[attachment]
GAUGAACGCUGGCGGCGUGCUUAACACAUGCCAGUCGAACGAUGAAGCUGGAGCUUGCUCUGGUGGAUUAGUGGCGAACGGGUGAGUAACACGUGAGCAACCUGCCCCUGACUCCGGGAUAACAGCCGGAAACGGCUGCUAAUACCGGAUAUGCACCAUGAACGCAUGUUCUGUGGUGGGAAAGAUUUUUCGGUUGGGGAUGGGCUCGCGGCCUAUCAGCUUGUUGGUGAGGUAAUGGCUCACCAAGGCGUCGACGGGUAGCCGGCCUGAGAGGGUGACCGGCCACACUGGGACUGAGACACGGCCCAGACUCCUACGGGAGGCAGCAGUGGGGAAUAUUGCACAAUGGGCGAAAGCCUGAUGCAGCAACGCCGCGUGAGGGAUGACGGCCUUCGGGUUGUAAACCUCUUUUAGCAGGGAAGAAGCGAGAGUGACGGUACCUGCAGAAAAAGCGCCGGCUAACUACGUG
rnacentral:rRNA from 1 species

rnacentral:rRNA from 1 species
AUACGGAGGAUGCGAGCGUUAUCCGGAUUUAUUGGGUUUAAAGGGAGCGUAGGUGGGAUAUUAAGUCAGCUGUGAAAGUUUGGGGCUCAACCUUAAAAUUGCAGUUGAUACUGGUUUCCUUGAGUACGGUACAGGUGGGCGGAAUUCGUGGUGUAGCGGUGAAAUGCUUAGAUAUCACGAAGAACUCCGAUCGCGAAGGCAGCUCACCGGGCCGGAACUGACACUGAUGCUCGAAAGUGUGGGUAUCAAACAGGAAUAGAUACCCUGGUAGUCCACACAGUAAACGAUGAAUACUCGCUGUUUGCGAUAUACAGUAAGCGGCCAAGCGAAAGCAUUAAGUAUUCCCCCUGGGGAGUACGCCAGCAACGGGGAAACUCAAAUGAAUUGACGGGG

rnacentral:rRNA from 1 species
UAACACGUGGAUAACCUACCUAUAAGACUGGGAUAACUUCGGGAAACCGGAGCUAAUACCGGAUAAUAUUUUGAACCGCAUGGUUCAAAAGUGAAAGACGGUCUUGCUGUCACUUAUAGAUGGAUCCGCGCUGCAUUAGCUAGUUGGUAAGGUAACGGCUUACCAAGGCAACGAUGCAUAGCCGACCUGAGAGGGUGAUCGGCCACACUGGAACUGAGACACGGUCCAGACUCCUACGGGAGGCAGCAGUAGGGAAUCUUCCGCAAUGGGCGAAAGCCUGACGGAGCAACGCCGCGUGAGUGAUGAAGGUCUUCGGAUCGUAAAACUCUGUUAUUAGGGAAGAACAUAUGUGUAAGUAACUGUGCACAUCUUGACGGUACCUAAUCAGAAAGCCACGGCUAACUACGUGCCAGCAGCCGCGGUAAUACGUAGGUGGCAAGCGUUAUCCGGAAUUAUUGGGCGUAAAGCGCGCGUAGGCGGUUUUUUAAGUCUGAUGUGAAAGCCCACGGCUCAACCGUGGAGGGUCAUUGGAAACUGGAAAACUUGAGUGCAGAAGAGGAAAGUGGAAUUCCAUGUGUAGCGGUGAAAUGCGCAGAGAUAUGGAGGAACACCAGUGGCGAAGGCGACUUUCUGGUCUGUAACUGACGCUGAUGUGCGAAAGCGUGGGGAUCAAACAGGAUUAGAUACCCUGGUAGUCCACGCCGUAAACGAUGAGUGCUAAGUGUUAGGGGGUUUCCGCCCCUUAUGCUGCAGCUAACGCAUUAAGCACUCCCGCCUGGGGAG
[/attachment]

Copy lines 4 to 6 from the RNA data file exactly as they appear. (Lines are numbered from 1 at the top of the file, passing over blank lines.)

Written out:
AUACGGAGGAUGCGAGCGUUAUCCGGAUUUAUUGGGUUUAAAGGGAGCGUAGGUGGGAUAUUAAGUCAGCUGUGAAAGUUUGGGGCUCAACCUUAAAAUUGCAGUUGAUACUGGUUUCCUUGAGUACGGUACAGGUGGGCGGAAUUCGUGGUGUAGCGGUGAAAUGCUUAGAUAUCACGAAGAACUCCGAUCGCGAAGGCAGCUCACCGGGCCGGAACUGACACUGAUGCUCGAAAGUGUGGGUAUCAAACAGGAAUAGAUACCCUGGUAGUCCACACAGUAAACGAUGAAUACUCGCUGUUUGCGAUAUACAGUAAGCGGCCAAGCGAAAGCAUUAAGUAUUCCCCCUGGGGAGUACGCCAGCAACGGGGAAACUCAAAUGAAUUGACGGGG

rnacentral:rRNA from 1 species
UAACACGUGGAUAACCUACCUAUAAGACUGGGAUAACUUCGGGAAACCGGAGCUAAUACCGGAUAAUAUUUUGAACCGCAUGGUUCAAAAGUGAAAGACGGUCUUGCUGUCACUUAUAGAUGGAUCCGCGCUGCAUUAGCUAGUUGGUAAGGUAACGGCUUACCAAGGCAACGAUGCAUAGCCGACCUGAGAGGGUGAUCGGCCACACUGGAACUGAGACACGGUCCAGACUCCUACGGGAGGCAGCAGUAGGGAAUCUUCCGCAAUGGGCGAAAGCCUGACGGAGCAACGCCGCGUGAGUGAUGAAGGUCUUCGGAUCGUAAAACUCUGUUAUUAGGGAAGAACAUAUGUGUAAGUAACUGUGCACAUCUUGACGGUACCUAAUCAGAAAGCCACGGCUAACUACGUGCCAGCAGCCGCGGUAAUACGUAGGUGGCAAGCGUUAUCCGGAAUUAUUGGGCGUAAAGCGCGCGUAGGCGGUUUUUUAAGUCUGAUGUGAAAGCCCACGGCUCAACCGUGGAGGGUCAUUGGAAACUGGAAAACUUGAGUGCAGAAGAGGAAAGUGGAAUUCCAUGUGUAGCGGUGAAAUGCGCAGAGAUAUGGAGGAACACCAGUGGCGAAGGCGACUUUCUGGUCUGUAACUGACGCUGAUGUGCGAAAGCGUGGGGAUCAAACAGGAUUAGAUACCCUGGUAGUCCACGCCGUAAACGAUGAGUGCUAAGUGUUAGGGGGUUUCCGCCCCUUAUGCUGCAGCUAACGCAUUAAGCACUCCCGCCUGGGGAG